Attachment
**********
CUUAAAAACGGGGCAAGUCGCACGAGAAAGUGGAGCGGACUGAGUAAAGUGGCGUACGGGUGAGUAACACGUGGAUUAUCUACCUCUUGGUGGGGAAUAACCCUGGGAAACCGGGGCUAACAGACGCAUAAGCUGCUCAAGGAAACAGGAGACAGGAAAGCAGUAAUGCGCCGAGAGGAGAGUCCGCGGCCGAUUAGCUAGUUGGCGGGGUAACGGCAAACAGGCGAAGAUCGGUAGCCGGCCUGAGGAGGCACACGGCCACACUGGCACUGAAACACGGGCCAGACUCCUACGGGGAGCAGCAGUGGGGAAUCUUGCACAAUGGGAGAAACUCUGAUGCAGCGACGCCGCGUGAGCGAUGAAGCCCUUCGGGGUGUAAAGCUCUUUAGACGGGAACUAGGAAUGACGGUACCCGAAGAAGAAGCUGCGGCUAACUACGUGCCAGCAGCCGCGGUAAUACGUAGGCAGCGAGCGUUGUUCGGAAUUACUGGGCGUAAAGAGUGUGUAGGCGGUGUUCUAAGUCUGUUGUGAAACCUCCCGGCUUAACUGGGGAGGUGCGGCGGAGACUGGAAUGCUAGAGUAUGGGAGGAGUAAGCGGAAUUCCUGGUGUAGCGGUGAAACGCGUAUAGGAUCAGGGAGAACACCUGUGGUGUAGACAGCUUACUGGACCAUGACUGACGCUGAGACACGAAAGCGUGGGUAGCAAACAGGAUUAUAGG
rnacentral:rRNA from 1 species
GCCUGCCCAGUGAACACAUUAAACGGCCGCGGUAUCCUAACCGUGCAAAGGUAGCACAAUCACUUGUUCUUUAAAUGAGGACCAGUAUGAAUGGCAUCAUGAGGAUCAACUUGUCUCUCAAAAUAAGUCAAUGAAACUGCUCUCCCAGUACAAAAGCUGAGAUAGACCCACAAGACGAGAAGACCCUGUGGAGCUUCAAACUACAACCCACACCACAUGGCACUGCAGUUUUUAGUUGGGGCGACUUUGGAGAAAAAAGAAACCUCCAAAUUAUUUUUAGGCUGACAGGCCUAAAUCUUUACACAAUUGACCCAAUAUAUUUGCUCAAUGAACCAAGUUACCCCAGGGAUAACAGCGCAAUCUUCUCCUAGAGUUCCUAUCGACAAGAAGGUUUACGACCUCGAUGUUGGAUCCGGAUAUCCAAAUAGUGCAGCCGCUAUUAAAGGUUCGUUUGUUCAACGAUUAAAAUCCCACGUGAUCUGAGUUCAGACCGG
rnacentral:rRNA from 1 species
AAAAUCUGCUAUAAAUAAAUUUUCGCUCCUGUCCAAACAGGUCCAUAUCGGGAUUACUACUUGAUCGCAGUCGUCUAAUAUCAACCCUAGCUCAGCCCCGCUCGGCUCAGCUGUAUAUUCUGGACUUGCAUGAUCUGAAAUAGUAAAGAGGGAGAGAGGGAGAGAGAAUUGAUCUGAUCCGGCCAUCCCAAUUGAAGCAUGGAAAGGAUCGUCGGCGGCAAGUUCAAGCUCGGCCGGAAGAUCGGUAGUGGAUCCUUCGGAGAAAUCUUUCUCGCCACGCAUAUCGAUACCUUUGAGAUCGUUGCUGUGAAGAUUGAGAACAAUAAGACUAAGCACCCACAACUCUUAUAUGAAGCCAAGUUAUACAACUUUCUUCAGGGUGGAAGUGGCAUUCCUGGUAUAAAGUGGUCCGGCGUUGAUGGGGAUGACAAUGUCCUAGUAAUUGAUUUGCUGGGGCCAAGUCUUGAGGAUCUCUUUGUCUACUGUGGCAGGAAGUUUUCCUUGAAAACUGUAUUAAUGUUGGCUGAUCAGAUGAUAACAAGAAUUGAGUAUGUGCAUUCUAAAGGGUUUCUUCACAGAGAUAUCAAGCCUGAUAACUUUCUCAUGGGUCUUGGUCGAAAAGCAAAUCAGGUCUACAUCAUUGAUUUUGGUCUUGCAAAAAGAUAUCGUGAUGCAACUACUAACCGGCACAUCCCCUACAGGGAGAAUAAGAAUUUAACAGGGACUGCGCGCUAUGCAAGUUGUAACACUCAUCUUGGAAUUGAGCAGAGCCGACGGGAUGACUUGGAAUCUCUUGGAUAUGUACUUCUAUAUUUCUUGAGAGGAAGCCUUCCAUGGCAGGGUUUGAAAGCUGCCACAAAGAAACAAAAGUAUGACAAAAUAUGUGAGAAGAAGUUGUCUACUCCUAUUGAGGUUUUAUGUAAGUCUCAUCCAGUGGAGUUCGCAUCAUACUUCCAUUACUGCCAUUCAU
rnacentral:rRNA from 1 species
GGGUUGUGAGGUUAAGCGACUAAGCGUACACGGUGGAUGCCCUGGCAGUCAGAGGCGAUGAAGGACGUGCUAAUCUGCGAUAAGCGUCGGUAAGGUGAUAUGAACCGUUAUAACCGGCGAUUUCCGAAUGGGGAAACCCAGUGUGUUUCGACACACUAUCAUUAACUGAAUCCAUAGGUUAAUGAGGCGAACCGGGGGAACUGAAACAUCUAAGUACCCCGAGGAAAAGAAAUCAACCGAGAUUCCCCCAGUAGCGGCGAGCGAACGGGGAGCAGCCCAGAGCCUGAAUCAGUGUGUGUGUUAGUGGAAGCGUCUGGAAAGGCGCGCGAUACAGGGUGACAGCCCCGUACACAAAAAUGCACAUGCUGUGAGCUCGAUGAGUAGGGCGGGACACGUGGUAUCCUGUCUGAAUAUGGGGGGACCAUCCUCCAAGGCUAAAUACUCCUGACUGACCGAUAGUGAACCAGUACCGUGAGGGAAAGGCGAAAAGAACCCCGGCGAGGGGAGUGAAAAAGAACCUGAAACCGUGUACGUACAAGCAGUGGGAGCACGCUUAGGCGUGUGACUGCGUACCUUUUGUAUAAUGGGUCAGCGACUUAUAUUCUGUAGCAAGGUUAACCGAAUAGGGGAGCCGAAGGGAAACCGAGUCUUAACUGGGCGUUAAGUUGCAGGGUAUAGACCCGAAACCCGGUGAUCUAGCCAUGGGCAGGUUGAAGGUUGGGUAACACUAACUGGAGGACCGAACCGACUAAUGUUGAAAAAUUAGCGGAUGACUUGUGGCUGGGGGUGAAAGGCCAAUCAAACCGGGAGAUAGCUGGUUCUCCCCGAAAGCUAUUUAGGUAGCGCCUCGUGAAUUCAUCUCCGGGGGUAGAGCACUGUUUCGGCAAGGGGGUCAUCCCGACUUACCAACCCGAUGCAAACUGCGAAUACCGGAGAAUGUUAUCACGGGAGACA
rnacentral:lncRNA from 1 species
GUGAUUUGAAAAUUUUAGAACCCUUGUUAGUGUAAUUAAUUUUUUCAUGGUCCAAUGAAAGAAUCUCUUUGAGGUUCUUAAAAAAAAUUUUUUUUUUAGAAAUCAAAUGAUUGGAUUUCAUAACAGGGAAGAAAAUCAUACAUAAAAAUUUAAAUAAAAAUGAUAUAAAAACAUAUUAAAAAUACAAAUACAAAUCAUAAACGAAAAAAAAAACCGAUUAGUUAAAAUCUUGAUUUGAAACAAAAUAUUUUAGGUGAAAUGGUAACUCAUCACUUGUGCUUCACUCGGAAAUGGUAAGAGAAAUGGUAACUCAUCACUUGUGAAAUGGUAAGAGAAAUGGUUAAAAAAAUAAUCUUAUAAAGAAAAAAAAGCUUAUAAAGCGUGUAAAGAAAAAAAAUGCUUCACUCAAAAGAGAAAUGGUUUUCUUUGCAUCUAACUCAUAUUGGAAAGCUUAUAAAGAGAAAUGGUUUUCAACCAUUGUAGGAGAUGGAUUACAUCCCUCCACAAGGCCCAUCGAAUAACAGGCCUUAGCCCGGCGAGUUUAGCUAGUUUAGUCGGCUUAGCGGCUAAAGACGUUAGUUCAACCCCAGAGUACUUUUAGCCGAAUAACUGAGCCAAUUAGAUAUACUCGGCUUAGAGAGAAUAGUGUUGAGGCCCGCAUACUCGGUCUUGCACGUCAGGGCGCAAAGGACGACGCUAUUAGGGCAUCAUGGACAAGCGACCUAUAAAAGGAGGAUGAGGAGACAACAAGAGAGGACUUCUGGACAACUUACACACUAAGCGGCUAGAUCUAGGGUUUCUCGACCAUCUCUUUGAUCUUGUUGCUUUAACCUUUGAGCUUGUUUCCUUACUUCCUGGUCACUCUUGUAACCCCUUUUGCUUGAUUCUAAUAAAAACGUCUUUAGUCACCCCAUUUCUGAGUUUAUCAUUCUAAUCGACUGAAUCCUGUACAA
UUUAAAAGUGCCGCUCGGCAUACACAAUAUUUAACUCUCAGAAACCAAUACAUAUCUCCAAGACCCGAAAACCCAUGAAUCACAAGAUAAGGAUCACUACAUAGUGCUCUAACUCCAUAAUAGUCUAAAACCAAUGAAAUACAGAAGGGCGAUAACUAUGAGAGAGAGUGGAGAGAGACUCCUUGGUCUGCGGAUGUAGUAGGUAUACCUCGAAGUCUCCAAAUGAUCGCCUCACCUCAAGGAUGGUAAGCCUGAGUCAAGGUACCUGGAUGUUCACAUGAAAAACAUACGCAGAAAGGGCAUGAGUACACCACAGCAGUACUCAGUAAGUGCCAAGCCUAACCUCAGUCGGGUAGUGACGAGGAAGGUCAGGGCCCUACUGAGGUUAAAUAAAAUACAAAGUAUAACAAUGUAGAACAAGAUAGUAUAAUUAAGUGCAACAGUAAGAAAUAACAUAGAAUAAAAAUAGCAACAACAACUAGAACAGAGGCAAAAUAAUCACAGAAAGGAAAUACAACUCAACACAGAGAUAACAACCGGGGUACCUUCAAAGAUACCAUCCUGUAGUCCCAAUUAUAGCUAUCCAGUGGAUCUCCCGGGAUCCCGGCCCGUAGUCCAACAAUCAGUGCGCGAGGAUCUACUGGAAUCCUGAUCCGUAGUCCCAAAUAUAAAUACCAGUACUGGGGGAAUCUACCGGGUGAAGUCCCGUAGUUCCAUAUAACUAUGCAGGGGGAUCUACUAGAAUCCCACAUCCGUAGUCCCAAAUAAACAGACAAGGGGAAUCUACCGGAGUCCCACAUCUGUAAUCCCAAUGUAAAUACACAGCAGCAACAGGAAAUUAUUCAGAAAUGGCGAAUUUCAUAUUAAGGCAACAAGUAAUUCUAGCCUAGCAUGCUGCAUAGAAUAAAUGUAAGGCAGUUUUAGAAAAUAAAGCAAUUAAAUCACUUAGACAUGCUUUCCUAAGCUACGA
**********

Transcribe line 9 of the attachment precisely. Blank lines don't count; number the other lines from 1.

GUGAUUUGAAAAUUUUAGAACCCUUGUUAGUGUAAUUAAUUUUUUCAUGGUCCAAUGAAAGAAUCUCUUUGAGGUUCUUAAAAAAAAUUUUUUUUUUAGAAAUCAAAUGAUUGGAUUUCAUAACAGGGAAGAAAAUCAUACAUAAAAAUUUAAAUAAAAAUGAUAUAAAAACAUAUUAAAAAUACAAAUACAAAUCAUAAACGAAAAAAAAAACCGAUUAGUUAAAAUCUUGAUUUGAAACAAAAUAUUUUAGGUGAAAUGGUAACUCAUCACUUGUGCUUCACUCGGAAAUGGUAAGAGAAAUGGUAACUCAUCACUUGUGAAAUGGUAAGAGAAAUGGUUAAAAAAAUAAUCUUAUAAAGAAAAAAAAGCUUAUAAAGCGUGUAAAGAAAAAAAAUGCUUCACUCAAAAGAGAAAUGGUUUUCUUUGCAUCUAACUCAUAUUGGAAAGCUUAUAAAGAGAAAUGGUUUUCAACCAUUGUAGGAGAUGGAUUACAUCCCUCCACAAGGCCCAUCGAAUAACAGGCCUUAGCCCGGCGAGUUUAGCUAGUUUAGUCGGCUUAGCGGCUAAAGACGUUAGUUCAACCCCAGAGUACUUUUAGCCGAAUAACUGAGCCAAUUAGAUAUACUCGGCUUAGAGAGAAUAGUGUUGAGGCCCGCAUACUCGGUCUUGCACGUCAGGGCGCAAAGGACGACGCUAUUAGGGCAUCAUGGACAAGCGACCUAUAAAAGGAGGAUGAGGAGACAACAAGAGAGGACUUCUGGACAACUUACACACUAAGCGGCUAGAUCUAGGGUUUCUCGACCAUCUCUUUGAUCUUGUUGCUUUAACCUUUGAGCUUGUUUCCUUACUUCCUGGUCACUCUUGUAACCCCUUUUGCUUGAUUCUAAUAAAAACGUCUUUAGUCACCCCAUUUCUGAGUUUAUCAUUCUAAUCGACUGAAUCCUGUACAA